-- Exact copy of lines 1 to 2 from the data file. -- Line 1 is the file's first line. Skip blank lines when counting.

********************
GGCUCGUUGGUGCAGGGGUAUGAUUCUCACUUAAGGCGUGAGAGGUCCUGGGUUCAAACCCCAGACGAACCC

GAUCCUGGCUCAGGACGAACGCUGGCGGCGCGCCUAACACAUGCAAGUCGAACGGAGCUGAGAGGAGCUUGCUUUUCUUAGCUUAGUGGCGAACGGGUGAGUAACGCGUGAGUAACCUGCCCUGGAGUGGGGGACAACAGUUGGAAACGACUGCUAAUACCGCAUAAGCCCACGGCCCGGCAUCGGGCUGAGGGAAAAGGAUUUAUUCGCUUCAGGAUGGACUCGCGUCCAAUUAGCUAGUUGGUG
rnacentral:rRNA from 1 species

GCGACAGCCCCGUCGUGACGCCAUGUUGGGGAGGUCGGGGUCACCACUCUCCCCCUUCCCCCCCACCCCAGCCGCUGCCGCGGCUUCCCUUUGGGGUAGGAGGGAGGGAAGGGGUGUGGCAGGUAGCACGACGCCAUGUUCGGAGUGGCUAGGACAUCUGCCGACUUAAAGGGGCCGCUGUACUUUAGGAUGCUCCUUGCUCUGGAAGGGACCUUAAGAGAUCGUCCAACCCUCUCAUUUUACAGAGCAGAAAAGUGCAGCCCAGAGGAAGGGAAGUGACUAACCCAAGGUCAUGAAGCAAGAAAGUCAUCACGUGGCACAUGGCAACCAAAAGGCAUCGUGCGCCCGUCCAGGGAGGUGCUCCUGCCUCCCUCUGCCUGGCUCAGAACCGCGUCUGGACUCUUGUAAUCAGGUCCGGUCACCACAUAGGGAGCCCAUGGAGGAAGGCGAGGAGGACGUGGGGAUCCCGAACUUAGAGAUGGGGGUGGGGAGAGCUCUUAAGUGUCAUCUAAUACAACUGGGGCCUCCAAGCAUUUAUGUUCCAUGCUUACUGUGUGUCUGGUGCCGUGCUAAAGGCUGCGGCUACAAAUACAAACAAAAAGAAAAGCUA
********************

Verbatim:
GGCUCGUUGGUGCAGGGGUAUGAUUCUCACUUAAGGCGUGAGAGGUCCUGGGUUCAAACCCCAGACGAACCC

GAUCCUGGCUCAGGACGAACGCUGGCGGCGCGCCUAACACAUGCAAGUCGAACGGAGCUGAGAGGAGCUUGCUUUUCUUAGCUUAGUGGCGAACGGGUGAGUAACGCGUGAGUAACCUGCCCUGGAGUGGGGGACAACAGUUGGAAACGACUGCUAAUACCGCAUAAGCCCACGGCCCGGCAUCGGGCUGAGGGAAAAGGAUUUAUUCGCUUCAGGAUGGACUCGCGUCCAAUUAGCUAGUUGGUG